- BlackBerry appears to have risen from its own ashes and now seeks to put its intelligent mobile device expertise to work within the ultra-lucrative (and ultra-competitive) IoT marketplace.
- With a unique set of resources and technologies at the ready, BlackBerry is capable of building an end-to-end platform, but the trick will be for the vendor to work with, not against, established enterprise IoT platform players.
It’s not often that a company is able to rise from its own ashes. Like Mother Nature, the great crucible of modern capitalism doesn’t often grant a stay of execution for those found wanting. See: TWA, Atari, DeLorean Motor Company or Enron. Once-dominant forces to be reckoned with, those companies are no longer with us. For a while, it seemed that the beloved brand BlackBerry was about to join their ranks.
The proud Canadian vendor and its quirky but effective little physical keyboard-equipped phones were on the brink after failing to adapt to the app-enabled smartphone era ushered in by Apple, Google and Samsung. But, as things stand right now with turnaround master CEO John Chen at the helm, BlackBerry is poised for a comeback. Just don’t expect hardware to define BlackBerry’s future. You see, BlackBerry wants to be your trusted partner for enterprise mobile productivity, secure communications, endpoint management and the Internet of Things (IoT). Yes, that’s right, IoT.
BlackBerry would like to recast its IoT endeavor using the term ‘Enterprise of Things’ (EoT). That’s how the company referred to IoT during its inaugural analyst day event in San Ramon, California, this week, which I was fortunate enough to attend. Obviously, this is a nod and wink alluding to the company’s preferred playground of intelligent mobile devices in the enterprise. Yes, it is yet another three letter acronym (TLA), but it accurately defines the company’s capabilities and interests, at least for now.
How will BlackBerry tackle and succeed with IoT? As you may have guessed, the company’s future opportunities will emerge from its current capabilities. The venerable BlackBerry Enterprise Server (BES) 12 has been renamed BlackBerry Unified Endpoint Manager (UEM), and that, along with all of its productivity software and various products acquired from Good Technology, will bubble up into BlackBerry Secure. This, in turn, will support and utilize the company’s continuing BlackBerry Messenger (BBM) network, its venerable embedded QNX OS and more recent projects like its container/trailer asset-tracking solution, Radar.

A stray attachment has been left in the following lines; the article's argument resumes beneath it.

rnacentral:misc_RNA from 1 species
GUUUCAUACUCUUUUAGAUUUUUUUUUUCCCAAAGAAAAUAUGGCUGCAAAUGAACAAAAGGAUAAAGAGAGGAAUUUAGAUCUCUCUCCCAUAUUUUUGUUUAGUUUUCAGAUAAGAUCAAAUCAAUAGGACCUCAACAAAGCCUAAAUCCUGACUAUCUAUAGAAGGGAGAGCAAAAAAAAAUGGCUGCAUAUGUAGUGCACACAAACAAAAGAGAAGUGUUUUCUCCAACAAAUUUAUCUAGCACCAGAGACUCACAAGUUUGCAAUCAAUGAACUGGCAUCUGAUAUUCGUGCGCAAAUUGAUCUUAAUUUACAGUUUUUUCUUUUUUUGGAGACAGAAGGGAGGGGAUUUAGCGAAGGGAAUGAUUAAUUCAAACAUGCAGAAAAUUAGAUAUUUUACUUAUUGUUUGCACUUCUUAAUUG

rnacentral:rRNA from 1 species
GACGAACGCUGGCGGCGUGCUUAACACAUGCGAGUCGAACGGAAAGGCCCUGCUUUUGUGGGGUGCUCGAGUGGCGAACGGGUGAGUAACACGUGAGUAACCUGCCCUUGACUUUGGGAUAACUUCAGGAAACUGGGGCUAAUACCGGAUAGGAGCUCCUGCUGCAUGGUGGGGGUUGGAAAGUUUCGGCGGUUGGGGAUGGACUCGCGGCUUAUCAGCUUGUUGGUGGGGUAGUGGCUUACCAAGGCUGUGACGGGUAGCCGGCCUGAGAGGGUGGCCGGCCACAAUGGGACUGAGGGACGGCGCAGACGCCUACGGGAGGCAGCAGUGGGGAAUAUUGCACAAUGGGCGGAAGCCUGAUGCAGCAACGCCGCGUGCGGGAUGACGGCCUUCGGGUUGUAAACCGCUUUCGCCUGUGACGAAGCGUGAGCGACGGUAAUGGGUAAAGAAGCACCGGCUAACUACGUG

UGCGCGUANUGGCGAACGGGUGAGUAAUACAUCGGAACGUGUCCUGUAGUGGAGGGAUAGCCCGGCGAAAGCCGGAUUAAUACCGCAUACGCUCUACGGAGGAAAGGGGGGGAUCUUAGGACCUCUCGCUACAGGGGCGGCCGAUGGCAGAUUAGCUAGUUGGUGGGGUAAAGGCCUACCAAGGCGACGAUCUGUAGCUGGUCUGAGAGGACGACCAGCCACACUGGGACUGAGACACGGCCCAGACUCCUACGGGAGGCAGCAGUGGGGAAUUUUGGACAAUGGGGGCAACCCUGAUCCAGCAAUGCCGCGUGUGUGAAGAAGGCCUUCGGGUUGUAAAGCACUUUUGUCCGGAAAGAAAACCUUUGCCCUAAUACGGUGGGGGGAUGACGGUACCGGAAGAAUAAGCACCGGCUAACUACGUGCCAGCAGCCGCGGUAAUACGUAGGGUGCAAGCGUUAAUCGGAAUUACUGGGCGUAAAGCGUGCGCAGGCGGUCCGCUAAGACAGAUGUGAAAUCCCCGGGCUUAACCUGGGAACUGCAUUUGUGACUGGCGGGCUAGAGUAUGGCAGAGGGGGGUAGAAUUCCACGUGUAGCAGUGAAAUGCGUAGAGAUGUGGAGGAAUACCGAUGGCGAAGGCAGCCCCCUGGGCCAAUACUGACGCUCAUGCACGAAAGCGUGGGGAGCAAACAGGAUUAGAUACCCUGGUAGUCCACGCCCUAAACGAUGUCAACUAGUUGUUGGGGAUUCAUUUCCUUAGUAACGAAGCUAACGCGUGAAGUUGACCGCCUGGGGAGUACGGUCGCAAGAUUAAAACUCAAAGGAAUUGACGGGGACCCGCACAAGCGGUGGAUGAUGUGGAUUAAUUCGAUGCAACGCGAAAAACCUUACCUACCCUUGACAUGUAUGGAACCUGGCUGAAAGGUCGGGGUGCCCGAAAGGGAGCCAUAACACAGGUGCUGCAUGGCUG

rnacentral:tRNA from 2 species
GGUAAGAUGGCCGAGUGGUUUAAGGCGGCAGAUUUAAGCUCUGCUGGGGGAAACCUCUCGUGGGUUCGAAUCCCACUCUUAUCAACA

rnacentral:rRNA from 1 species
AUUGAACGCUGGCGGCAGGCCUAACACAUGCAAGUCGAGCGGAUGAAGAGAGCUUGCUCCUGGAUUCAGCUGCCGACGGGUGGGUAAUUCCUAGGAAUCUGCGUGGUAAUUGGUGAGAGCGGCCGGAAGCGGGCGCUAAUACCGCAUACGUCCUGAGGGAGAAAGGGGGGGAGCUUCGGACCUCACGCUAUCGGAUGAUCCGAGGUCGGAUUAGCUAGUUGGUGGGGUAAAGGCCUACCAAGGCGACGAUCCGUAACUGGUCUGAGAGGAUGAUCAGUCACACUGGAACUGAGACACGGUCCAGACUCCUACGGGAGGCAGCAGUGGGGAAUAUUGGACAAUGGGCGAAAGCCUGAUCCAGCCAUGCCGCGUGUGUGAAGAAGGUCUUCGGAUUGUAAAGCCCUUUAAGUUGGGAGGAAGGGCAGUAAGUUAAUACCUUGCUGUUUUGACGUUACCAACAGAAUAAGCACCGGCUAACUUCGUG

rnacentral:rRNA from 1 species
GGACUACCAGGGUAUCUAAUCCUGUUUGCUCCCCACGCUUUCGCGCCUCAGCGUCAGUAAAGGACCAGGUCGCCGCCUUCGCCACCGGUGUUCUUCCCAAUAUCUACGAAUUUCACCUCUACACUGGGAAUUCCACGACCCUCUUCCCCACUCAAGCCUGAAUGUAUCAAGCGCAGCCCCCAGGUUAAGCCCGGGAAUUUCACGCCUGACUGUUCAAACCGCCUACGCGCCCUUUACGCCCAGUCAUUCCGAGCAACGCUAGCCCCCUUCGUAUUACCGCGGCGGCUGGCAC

That all sounds messy, but the idea is simple. BlackBerry knows how to connect, manage and secure mobile devices. That strikes right at the heart of IoT, at least IoT for smart, connected devices like heads-up displays and automobiles. And yet BlackBerry’s IoT (okay, EoT) platform can be so much more than that. Products like Radar show us that BlackBerry knows how to build an end-to-end IoT solution, from sensor to analytics. QNX isn’t limited to auto infotainment systems. And BBM itself reveals BlackBerry’s extensive reach into the global carrier market.
Given these assets (and many others such as the company’s cryptography expertise acquired from Certicom), it’s easy to imagine BlackBerry establishing a proper enterprise IoT platform on par with those of Microsoft, IBM, Oracle, Google and Amazon. BlackBerry Radar even reminds me very much of Amazon’s recently introduced IoT Button Enterprise Program. Imagine a portfolio of extensible Radar-esque sensors capable supporting specific use cases in vertical markets beyond transportation. Clearly, there’s a lot of room for BlackBerry to play in IoT.
The trick will be for the company to find a way to fit into the existing enterprise IoT platform landscape without once again going head-to-head with established vendors Google, Microsoft, Amazon et al. Given the company’s ability to run on platforms from partners Amazon and Microsoft, this seems likely. But, that sort of relationship will require some finesse beyond the creation of a new TLA.